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Molded Style Boot, No Boot, Regular Boot and Snagless Patch Cables 
There are many different types of strain relief and anti-snag options for patch cables. Below is a quick description of each type:

No Boot

        Regular Boot

Patch cable with a molded boot         Patch cable without a boot or molding
   
Snagless         Molded Style Boot
Patch cable with a regular boot         Patch cable with a snagless connector and boot

Infinite Cables offers molded, pre-made patch cables in a variety of lengths and colours. We also custom manufacture any of the above styles. Please visit our links above.



Cat 3 or Category 3 Patch Cables
Cat 3 cables were the standard patch cable in the early 90's. Data could be transmitted at speeds up to 10Mbps. Today only 2 pair and 3 pair Cat 3 cabling is still used in the telecommunication industry but seldom used in the computer industry.


Cat 5 & Cat 5e (Category 5, Category 5 Enhanced) Patch Cables
The need for more bandwidth and faster networks forced a new standard in Category cabling in the late 90's. The Category 5 standard was ratified and the new cable standard became 100MHz at 100Mbps. Cat 5 was short lived once Category 5 Enhanced (or Cat 5e) came along. Cat 5e patch cables are tested up to 350MHz at 1 Gbps.


Cat 6 or Category 6 Patch Cables
The official standard for Cat 6 cabling is 200MHz (twice the bandwidth of Cat 5) but most manufacturers test their Cat 6 patch cables up to 550MHz at 1 Gbps. Cat 6 cabling was created to facilitate the future bandwidth requirements needed for streaming multimedia applications. 

Cat 6 follows very strict rules in both the manufacturing process and in channel requirements. Wiring must maintain a tight pair twist as close to the connector/jack as possible. Category 6 channel requirements specify that every component in a Cat 6 network must meet minimum standards to ensure optimal performance. One method of differentiating a Cat 6 patch cable from Cat 5e patch cable is by simply looking the connector ends. See below:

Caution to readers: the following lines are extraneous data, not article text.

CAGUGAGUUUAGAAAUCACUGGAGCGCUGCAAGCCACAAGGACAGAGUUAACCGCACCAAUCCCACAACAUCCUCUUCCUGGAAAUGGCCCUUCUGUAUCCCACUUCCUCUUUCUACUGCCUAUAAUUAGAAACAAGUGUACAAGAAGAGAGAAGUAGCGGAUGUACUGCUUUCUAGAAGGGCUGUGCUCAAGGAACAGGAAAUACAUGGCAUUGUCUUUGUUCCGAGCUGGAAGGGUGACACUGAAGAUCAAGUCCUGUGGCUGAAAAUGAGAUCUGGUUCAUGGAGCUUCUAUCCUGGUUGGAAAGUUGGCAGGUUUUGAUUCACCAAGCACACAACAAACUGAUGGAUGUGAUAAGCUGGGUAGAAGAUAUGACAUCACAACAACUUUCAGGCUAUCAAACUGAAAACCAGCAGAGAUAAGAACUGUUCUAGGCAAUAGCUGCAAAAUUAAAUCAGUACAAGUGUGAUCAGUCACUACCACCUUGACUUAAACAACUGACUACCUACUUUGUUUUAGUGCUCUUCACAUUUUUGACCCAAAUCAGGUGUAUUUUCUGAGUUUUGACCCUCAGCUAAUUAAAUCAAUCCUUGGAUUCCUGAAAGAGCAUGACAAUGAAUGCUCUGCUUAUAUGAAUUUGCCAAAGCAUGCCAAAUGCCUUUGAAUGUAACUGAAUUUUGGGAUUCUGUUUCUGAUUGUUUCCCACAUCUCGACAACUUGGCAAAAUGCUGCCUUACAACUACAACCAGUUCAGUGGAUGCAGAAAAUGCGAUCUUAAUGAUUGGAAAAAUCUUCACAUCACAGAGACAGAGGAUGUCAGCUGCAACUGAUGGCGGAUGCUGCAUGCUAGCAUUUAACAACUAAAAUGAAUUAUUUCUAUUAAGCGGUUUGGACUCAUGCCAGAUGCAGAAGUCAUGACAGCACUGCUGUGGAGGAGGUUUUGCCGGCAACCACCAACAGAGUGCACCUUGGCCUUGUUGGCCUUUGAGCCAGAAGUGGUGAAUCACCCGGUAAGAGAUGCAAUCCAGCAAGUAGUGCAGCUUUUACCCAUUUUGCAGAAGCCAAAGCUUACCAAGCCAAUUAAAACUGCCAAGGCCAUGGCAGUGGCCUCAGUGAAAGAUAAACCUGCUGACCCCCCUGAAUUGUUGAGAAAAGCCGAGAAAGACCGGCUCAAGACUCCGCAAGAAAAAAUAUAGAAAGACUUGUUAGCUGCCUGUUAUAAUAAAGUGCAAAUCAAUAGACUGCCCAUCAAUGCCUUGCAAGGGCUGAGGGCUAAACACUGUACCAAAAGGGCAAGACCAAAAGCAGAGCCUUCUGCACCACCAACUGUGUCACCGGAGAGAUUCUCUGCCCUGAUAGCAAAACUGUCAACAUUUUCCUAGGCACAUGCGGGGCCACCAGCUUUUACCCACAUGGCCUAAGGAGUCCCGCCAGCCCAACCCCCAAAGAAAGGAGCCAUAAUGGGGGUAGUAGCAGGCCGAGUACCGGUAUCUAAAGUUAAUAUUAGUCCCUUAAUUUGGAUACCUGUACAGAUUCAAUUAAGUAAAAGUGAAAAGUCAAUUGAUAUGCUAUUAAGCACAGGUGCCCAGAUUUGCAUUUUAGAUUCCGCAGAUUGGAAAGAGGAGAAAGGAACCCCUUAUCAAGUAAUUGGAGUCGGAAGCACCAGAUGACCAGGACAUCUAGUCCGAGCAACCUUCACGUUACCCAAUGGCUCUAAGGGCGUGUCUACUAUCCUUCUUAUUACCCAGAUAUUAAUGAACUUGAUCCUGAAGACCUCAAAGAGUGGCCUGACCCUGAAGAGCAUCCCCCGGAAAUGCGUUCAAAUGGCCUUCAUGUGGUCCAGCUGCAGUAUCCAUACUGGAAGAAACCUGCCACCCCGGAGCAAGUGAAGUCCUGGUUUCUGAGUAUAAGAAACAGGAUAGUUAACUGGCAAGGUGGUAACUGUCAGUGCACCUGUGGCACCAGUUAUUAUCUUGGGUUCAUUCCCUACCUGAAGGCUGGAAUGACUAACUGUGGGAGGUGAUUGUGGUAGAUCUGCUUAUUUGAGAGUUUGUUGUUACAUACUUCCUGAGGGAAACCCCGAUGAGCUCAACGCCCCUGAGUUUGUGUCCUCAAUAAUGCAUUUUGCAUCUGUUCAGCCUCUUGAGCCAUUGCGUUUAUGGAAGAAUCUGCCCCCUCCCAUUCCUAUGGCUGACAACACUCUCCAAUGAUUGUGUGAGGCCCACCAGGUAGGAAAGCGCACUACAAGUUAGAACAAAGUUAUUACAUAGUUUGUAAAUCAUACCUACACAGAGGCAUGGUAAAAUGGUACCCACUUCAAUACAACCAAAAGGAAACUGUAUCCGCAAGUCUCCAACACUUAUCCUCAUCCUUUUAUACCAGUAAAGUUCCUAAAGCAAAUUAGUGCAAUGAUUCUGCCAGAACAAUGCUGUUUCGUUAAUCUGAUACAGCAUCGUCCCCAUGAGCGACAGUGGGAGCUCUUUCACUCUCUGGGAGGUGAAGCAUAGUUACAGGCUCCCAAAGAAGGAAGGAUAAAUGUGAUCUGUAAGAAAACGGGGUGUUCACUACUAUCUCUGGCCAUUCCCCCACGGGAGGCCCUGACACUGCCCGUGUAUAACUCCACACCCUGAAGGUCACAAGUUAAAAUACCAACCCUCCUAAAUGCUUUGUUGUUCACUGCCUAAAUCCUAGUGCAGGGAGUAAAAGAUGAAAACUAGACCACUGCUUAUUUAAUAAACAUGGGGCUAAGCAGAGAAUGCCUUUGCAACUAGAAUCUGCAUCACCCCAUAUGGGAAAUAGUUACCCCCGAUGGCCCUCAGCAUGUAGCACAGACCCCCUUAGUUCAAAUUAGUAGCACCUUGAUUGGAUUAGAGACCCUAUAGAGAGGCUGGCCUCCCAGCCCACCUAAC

Cat 6                           Cat 5e

Some Cat 6 cables are constructed with a plastic spline separating the pairs for better performance. Other manufacturers have found different ways to achieve Cat 6 requirements, such as using tighter pair twists. Either way, the construction of the cable does not matter as long as Cat 6 standards are met.



568A vs 568B Colour code
There are two standards for ethernet wiring, 568A & 568B. The only difference between the two are the colour assignments of certain pairs. Please see illustration below.

New cable installations are supposed to follow the 568A colour code. Cables manufactured specifically for the Canadian market typically follow the 568A standard. Cables found in the United States typically follow the 568B colour code, largely because AT&T uses 568B as a standard. Both 568A and 568B are functionally identical and can be used simultaneously in the same network.

Infinite Cables sells both 568A and 568B patch cables, but typically sells 568B cables unless otherwise specified.

 


Shielded Cable Acronyms Explained

Examples of common industry abbreviations

Industry acronyms

ISO/IEC 11801 name

Cable screening

Pair shielding

UTP

U/UTP

none

none

STP, ScTP, PiMF

U/FTP

none

foil

FTP, STP, ScTP

F/UTP

foil

none

STP, ScTP

S/UTP

braiding

none

S-FTP, SFTP, STP

SF/UTP

foil, braiding

none

FFTP

F/FTP

foil

foil

SSTP, SFTP, STP PiMF

S/FTP

braiding

foil

The code before the slash designates the shielding for the cable itself, while the code after the slash determines the shielding for the individual pairs:

  • TP = twisted pair
  • TQ = twisted pair, individual shielding in quads
  • U = unshielded
  • F = foil shielding
  • S = braided shielding (outer layer only)

More information on twisted pair cabling can be found here